Between 1942 and 1945, the number of newspapers published by and for American servicemen exploded from less than 500 to nearly 4,000. Two of them belonged to the only all-Black divisions to see combat during the war, and one would quickly establish a reputation as one of the finest service publications in the US military.
The segregated 92nd Infantry Division, composed primarily of enlisted African American personnel and nicknamed the “Buffalo Soldiers,” was activated on October 15, 1942. Just two months later, the first issue of the division’s newspaper began circulating. Fittingly titled The Buffalo, the eight-page weekly aimed to keep the men informed about the progress of their training and carried a diverse selection of entertaining and educational columns, all for a nominal five cents. It ran for almost three years and published six volumes with more than 150 issues.
As the rapid growth of service papers might suggest, print journalism played a critical role in the war effort. Troops depended on newspapers to facilitate training, relieve boredom, and notify them of current events. Beyond disseminating news, these publications also enabled larger units like the 92nd Infantry to develop a shared sense of pride and purpose—an essential esprit de corps.
From its inception, The Buffalo assumed an important objective: It strived to advance the division’s mission of becoming a “unified fighting force, proficient in the use of its weapons and imbued with the desire to close with and destroy the enemy.” If the unit’s eventual combat record is any indication, the paper fulfilled its purpose, though it did not come without complications.
In its earliest stages, The Buffalo encountered some unique logistical challenges. News gathering and distribution proved difficult, as various components of the 92nd Infantry were geographically scattered across four different military installations. Headquarters, the hub of paper operations, resided at Fort McClellan in Alabama, while three regimental combat teams trained elsewhere: the 365th at Camp Atterbury in Indiana, the 370th at Camp Breckenridge, Kentucky, and the 371st at Camp Robinson in Arkansas.
As a result, the staff organized the Buffalo Press Bureau. The Bureau oversaw operations and appointed correspondents, editorialists, and photographers to cover training activities for each combat team. The units submitted weekly news and images to the editorial office, where the main staffers wrote headlines and designed layouts before sending the copy to The Anniston Times in Alabama for final printing. Two of the encampments even established onsite laboratories to professionally develop photographs.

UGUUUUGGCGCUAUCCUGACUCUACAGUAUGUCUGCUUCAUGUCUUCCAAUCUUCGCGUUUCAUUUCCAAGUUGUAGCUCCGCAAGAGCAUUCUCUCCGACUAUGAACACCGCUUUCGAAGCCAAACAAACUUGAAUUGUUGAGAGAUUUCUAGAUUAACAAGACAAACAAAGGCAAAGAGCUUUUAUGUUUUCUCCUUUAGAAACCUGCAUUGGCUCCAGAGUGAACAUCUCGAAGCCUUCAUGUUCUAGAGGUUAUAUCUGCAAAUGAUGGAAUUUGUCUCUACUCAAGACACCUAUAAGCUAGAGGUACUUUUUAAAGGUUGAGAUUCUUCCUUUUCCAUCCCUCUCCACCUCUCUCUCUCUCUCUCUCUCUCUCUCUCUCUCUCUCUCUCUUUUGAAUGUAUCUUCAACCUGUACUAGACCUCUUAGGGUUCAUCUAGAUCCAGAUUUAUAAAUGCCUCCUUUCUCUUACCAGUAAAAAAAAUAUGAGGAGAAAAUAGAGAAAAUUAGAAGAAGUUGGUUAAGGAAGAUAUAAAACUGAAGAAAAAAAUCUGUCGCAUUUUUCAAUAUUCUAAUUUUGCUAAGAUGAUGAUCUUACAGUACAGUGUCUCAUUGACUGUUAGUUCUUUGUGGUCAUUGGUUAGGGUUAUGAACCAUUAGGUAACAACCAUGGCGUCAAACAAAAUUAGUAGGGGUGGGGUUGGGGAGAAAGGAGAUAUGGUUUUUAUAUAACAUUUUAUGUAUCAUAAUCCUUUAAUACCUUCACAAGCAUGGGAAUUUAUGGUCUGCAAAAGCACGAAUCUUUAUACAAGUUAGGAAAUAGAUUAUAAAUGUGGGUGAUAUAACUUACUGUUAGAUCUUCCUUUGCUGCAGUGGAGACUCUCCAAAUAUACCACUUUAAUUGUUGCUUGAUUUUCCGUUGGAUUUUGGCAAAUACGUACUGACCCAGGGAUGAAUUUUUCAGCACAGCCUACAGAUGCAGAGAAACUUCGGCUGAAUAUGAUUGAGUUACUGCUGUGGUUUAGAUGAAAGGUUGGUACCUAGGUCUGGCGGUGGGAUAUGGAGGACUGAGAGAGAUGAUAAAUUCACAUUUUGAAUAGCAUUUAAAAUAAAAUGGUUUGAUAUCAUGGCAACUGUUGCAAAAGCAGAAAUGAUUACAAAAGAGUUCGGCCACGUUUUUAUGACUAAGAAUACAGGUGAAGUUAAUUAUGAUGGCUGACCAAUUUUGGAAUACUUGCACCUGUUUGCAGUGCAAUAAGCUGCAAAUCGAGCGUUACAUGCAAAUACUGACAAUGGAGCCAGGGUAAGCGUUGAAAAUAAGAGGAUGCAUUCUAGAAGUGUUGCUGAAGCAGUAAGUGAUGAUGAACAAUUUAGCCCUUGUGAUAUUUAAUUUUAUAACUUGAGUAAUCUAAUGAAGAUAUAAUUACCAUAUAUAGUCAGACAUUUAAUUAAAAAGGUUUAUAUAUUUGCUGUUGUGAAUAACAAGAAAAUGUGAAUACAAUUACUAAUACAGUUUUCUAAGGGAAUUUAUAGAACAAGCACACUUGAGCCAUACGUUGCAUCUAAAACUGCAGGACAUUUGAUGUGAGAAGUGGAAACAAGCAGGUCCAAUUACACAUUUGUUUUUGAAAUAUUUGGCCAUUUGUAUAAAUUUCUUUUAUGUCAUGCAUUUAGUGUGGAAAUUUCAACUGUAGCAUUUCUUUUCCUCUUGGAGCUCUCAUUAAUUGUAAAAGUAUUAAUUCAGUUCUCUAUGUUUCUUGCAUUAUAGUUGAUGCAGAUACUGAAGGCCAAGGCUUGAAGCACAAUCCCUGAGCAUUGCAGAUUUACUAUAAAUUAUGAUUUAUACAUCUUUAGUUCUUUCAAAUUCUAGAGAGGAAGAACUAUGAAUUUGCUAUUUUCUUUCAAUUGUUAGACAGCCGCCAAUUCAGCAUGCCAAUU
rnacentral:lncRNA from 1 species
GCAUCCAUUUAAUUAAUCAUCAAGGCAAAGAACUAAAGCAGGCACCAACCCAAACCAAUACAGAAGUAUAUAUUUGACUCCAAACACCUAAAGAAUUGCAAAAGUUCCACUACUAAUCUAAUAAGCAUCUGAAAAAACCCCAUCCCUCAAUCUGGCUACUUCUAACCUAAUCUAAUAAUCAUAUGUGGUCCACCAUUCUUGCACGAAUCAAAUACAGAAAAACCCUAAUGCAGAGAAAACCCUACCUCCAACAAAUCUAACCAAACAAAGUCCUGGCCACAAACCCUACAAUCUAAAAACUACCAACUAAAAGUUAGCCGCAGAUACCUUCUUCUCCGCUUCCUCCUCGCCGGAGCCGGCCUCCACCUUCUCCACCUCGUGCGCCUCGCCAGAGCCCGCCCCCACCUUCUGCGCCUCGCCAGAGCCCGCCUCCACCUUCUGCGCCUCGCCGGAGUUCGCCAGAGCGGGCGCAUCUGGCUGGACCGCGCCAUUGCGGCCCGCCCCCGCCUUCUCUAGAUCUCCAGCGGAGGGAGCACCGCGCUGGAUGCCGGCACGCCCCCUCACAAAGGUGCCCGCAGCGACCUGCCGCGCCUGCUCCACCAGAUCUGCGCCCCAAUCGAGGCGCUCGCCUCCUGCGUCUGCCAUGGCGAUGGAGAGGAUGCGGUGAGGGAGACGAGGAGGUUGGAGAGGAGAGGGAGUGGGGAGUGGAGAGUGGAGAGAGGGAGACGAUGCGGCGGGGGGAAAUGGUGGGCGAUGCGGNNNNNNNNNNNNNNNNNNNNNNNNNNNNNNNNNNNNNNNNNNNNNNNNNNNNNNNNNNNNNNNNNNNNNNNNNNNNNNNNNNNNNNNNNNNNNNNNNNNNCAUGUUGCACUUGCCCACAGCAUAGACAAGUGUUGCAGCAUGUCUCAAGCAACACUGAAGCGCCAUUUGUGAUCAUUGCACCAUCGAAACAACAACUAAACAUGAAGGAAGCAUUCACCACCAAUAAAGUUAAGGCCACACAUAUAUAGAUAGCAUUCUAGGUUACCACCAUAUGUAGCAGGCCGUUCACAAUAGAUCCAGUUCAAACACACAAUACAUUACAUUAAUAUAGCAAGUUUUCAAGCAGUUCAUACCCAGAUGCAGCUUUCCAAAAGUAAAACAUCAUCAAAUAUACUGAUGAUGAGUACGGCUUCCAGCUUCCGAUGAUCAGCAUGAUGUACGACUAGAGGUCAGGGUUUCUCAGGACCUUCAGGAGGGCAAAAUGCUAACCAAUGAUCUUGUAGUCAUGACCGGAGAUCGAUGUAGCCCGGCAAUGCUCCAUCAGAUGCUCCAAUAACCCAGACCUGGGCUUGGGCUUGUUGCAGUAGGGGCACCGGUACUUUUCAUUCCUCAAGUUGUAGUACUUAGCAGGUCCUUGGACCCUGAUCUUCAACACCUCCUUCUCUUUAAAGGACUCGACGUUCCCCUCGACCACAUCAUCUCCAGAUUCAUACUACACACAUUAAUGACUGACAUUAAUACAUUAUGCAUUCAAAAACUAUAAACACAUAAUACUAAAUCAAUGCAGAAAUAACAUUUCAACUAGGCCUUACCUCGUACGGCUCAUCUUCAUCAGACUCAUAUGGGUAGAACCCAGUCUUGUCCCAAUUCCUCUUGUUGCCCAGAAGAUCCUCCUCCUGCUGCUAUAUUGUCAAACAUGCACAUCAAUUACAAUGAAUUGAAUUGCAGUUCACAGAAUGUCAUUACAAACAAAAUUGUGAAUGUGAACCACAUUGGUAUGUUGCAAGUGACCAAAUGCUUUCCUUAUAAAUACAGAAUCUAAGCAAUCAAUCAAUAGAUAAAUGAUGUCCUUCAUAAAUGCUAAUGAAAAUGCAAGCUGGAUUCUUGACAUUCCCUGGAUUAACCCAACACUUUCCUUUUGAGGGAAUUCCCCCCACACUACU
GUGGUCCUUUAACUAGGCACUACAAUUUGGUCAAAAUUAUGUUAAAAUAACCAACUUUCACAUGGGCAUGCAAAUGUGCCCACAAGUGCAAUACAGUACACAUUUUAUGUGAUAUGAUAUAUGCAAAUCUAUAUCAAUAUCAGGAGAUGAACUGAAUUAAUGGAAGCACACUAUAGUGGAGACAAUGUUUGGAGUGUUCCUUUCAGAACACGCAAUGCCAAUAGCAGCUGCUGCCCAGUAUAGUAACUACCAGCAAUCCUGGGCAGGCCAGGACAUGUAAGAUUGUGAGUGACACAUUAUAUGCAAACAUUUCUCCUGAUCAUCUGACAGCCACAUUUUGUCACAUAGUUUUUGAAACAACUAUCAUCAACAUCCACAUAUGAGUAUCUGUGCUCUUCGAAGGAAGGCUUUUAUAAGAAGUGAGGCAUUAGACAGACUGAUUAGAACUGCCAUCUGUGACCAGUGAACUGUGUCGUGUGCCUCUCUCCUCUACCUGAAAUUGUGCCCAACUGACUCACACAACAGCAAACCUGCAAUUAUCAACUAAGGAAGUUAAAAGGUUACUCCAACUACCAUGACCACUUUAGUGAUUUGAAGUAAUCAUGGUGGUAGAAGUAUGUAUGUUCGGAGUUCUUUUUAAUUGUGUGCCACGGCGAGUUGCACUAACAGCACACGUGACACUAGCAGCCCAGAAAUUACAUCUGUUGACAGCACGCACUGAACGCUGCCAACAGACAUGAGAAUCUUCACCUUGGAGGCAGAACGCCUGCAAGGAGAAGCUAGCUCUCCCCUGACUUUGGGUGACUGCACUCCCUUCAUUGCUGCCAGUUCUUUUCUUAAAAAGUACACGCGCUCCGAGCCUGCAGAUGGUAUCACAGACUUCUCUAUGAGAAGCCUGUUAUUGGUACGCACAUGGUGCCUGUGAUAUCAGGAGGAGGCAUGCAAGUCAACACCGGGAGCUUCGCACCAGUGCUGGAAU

In its effort to “become a part of a first-class fighting machine,” The Buffalo offered an enjoyable, inclusive blend of training tips, news, human interest stories, and entertainment. While it naturally evolved alongside the division, the first volume introduced some popular features and columns that would become staples in the course of The Buffalo’s life.
Readers turned to the “Chaplain’s Corner” for moral and spiritually-driven guidance and flipped to “Buffalo Bull” to hear from the wisecracking, self-proclaimed “super-snooper” of the division, who anonymously dished out “the inside slants on all the fellows.” They learned about must-read books in Charles Cranford’s “After Hours” column, sought advice from “Oxford Shorty,” and followed humorous stories in “At Ease!” The sports page remained an integral component from the outset, tracking the results of widely followed recreational games and competitive tournaments in football, baseball, basketball, boxing, and track.
To encourage participation and collaboration, the paper also hosted a number of division-wide contests with cash prizes. It invited members to propose names for the division’s “honest-to-goodness live bison” mascot (ultimately named Buffalo Bill), engage in weekly quiz bowls, suggest clever titles for headlines, and submit essays on a range of different topics. It also welcomed content recommendations and contributions from the soldiers and organized philanthropic fundraisers.